4. The Bat Verb | Part 04 | Ampla Versio firmware | Desmodus Versio
Noise Engineering promised to bring new firmware / applications to the Desmodus Versio reverb. Because it's not a reverb, it's a platform. This means you can completely change the application inside the module. Today NE released Ampla Versio, an 'all in one' VCA, VCFA, ADSR with chorus. In stereo. And this one is a worthy addition to the 'never too many' VCA's.
5. The Bat Verb | Part 05 | Imitor Versio firmware
"Noise Engineering has just released a new firmware for the Desmodus Versio, the 'versatile imitator'. It's a twelve tap delay with tempo sync, delay timing skew, circular stereo panning, distortion, tralis that rise and fall, shimmer and harmonically related pitch shifting. POB has done an excellent walkthrough on all features (see link in video), so I'll just focus on how it sounds in various patches. the IV is also available as a dedicated module with its own faceplate, and faceplates can be ordered for your DV if you're planning on permanent use.

Please note the IV is a delay that's designed to be discovered so make sure to spend some time with it. I noticed it features a lot of sonic textures which are also found on some of the best delays around. So this one may be the droid you've been looking for in just 10 HP. Highly recommended!"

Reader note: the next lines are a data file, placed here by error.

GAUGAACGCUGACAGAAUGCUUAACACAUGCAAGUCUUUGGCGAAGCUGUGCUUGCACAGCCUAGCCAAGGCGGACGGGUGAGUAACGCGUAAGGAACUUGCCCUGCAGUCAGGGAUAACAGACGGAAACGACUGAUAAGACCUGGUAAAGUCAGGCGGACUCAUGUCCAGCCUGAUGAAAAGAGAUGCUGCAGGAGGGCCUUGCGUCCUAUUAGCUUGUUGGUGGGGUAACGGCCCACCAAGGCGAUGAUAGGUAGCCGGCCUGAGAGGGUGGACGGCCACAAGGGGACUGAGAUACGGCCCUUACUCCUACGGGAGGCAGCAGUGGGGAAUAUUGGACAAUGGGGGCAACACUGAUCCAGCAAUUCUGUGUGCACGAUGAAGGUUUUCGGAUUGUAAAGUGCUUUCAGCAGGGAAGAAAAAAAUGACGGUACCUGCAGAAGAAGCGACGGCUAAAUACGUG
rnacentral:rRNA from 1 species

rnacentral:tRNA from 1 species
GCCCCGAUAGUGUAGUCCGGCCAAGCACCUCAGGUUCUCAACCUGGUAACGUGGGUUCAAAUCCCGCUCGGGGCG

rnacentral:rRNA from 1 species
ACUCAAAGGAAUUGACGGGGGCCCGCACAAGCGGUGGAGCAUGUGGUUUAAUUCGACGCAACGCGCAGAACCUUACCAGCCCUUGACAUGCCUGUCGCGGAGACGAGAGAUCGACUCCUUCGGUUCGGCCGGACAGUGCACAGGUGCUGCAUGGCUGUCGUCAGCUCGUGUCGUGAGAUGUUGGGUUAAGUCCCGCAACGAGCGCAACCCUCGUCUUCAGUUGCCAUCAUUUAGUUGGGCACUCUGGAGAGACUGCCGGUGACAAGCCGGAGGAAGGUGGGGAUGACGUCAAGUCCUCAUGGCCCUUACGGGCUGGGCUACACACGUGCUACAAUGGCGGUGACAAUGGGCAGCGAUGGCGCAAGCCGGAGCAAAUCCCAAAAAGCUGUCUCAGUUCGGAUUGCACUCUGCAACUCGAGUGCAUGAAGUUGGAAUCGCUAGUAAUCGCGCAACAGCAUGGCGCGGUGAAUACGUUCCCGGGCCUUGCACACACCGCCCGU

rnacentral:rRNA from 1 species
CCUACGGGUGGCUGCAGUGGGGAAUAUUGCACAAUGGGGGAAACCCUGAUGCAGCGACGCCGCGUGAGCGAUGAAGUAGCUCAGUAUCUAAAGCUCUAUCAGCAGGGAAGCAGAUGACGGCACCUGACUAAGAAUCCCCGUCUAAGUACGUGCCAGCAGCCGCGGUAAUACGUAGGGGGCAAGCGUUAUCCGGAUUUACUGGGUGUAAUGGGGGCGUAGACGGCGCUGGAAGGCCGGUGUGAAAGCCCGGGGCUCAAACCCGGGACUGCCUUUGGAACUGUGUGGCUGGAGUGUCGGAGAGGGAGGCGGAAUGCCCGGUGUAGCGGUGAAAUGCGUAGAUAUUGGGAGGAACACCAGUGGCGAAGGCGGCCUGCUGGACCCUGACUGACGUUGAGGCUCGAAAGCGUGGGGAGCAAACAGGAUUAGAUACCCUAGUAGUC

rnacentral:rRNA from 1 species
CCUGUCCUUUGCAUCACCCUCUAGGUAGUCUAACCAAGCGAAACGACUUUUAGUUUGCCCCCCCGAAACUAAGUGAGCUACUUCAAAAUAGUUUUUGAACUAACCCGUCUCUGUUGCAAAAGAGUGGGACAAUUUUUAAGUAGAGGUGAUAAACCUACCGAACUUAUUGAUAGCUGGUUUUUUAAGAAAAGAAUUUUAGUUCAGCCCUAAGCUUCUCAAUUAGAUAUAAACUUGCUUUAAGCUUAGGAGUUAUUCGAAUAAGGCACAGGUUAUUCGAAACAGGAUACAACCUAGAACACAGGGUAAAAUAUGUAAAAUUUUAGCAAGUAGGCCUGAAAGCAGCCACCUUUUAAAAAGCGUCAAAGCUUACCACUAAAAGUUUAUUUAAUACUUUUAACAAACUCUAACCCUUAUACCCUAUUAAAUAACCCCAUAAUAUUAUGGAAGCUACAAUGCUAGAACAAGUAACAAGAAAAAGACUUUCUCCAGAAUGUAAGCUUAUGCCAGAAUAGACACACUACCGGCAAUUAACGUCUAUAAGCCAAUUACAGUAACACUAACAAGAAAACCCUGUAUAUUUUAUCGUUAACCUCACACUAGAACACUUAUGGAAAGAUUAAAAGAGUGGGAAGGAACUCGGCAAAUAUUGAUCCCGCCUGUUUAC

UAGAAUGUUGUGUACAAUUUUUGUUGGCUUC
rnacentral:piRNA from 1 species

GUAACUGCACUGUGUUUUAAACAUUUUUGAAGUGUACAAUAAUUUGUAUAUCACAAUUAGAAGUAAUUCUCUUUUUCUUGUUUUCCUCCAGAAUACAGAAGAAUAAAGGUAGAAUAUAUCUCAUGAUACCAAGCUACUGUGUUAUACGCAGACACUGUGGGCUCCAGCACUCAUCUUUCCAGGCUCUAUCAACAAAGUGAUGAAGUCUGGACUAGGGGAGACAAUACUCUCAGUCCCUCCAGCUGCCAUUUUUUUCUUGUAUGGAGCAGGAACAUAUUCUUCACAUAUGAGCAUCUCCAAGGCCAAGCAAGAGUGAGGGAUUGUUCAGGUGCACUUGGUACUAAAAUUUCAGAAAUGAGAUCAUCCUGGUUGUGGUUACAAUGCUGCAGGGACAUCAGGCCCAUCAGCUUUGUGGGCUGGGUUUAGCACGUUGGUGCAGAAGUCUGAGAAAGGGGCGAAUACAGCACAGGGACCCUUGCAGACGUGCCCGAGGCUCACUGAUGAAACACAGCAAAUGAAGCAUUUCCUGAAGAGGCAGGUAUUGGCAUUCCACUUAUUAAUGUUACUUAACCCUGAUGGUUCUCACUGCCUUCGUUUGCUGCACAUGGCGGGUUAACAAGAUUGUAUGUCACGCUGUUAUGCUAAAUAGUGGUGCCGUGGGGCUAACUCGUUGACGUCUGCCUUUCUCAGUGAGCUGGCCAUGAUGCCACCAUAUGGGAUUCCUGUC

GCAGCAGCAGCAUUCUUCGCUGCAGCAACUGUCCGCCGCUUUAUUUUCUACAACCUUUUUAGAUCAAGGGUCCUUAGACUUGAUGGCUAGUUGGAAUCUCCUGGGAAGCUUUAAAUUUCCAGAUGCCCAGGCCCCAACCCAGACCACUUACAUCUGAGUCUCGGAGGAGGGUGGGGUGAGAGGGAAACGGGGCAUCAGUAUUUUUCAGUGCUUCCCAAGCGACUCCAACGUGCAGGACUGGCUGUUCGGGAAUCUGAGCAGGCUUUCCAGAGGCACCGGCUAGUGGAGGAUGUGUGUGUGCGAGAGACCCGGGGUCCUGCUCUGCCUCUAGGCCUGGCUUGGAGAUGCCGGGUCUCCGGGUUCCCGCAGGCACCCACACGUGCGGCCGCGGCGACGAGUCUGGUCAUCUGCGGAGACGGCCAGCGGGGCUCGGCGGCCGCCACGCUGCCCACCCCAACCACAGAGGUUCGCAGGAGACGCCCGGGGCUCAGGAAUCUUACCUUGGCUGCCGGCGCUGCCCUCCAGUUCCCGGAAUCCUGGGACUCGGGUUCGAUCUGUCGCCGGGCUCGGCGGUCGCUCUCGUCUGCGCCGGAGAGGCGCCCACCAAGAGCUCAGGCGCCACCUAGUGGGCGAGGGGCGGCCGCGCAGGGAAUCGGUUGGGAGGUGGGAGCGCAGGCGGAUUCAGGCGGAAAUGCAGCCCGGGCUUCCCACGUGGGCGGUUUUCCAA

Friday, September 18, 2015

Spitfire Audio Introduces EVO GRID 004 WOODWINDS for their EMS VCS3 Inspired Virtual Instrument

Published on Sep 3, 2015 Spitfire Audio

"Spitfire Audio adds another ‘off-grid’ twist to evolving, EMS VCS3-inspired VIs for its Producer Portfolio

LONDON, UK: Spitfire Audio, purveyors of the finest virtual instruments from the finest musical samples in the world, is proud to announce availability of PP025 EVO GRID 004 WOODWINDS, the latest creative chapter in its evocatively-named, evolving EVO GRID series of ‘off-grid’ sample-based virtual instruments initially inspired by the trailblazing late-Sixties-vintage EMS VCS3 portable analogue monosynth and perfectly executed for the Native Instruments KONTAKT platform-compatible Producer Portfolio range — itself launched to satisfy repeated requests for drier-sounding, more manipulative samples for more non-orchestral material, as of September 18…